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High Court to Hear Protest, Vaccine Cases

The Supreme Court is getting involved in the legal fight over the anti-gay protesters who show up at military funerals with inflammatory messages like "Thank God for dead soldiers."

The court agreed Monday to consider whether the protesters' message, no matter how provocative and upsetting, is protected by the First Amendment.

The protesters case is perhaps the most inflammatory of several accepted Monday to be heard during the court's fall term. The court will also decide on whether parents can sue drug companies whose vaccines they believe made their children sick, and hear a case involving intrusive background checks for NASA contractors.

Members of a Kansas-based church have picketed military funerals to spread their belief that U.S. deaths in Afghanistan and Iraq are punishment for the nation's tolerance of homosexuality.

The justices will hear an appeal from the father of a Marine killed in Iraq to reinstate a $5 million verdict against the protesters, after they picketed outside his son's funeral in Maryland.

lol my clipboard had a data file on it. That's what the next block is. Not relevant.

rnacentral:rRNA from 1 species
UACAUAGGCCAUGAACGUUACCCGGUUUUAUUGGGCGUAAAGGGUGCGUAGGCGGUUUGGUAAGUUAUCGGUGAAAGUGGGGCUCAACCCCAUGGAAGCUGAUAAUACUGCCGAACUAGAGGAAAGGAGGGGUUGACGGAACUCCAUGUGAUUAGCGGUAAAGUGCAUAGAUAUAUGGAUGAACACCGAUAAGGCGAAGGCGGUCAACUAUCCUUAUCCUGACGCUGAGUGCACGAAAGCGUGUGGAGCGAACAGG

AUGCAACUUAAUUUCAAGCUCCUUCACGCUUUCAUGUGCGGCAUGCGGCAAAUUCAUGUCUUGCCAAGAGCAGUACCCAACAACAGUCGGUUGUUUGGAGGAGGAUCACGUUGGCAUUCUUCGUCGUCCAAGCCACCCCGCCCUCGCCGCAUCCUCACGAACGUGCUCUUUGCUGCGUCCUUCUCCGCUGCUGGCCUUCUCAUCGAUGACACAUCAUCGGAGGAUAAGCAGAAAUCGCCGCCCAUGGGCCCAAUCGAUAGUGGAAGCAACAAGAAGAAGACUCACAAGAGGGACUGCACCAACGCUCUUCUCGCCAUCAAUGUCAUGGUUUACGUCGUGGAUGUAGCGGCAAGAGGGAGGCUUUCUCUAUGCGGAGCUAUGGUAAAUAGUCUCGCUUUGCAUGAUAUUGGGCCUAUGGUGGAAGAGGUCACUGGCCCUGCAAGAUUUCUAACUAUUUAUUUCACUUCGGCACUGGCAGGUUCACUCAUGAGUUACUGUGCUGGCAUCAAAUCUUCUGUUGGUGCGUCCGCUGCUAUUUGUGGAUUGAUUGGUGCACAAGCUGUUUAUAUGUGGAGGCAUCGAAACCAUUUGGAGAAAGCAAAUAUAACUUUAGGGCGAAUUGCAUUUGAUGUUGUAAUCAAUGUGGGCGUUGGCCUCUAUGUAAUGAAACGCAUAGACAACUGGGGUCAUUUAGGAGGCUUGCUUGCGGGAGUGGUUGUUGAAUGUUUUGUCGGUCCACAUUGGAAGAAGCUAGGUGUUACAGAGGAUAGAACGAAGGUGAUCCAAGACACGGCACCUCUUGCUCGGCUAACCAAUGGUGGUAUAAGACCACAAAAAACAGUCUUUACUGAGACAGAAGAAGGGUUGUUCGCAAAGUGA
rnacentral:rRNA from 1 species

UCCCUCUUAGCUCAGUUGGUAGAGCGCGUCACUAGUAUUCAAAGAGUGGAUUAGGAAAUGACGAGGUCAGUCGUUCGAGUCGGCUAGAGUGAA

A jury in Baltimore awarded Albert Snyder damages for emotional distress and invasion of privacy, but a federal appeals court threw out the verdict. The 4th U.S. Circuit Court of Appeals said the signs contained "imaginative and hyperbolic rhetoric" protected by the First Amendment.

The funeral for Marine Lance Cpl. Matthew Snyder in Westminster, Md., was among many that have been picketed by members of the fundamentalist Westboro Baptist Church in Kansas. Westboro pastor Fred Phelps and other members have used the funeral protests to spread their belief that U.S. deaths in the Iraq war are punishment for the nation's tolerance of homosexuality. One of the signs at Snyder's funeral combined the U.S. Marine Corps motto with a slur against gay men.

Other signs carried by members of the Topeka, Kan.-based church said, "America is Doomed," "God Hates the USA/Thank God for 9/11," "Priests Rape Boys" and "Thank God for IEDs," a reference to the roadside bombs that have killed many U.S. troops in Iraq and Afghanistan.

The case is Snyder v. Phelps, 09-751.

The justices on Monday also agreed to hear an appeal from parents in Pittsburgh who want to sue the drugmaker Wyeth over the serious side effects their daughter, six months old at the time, allegedly suffered as a result of the company's diphtheria, tetanus and pertussis vaccine.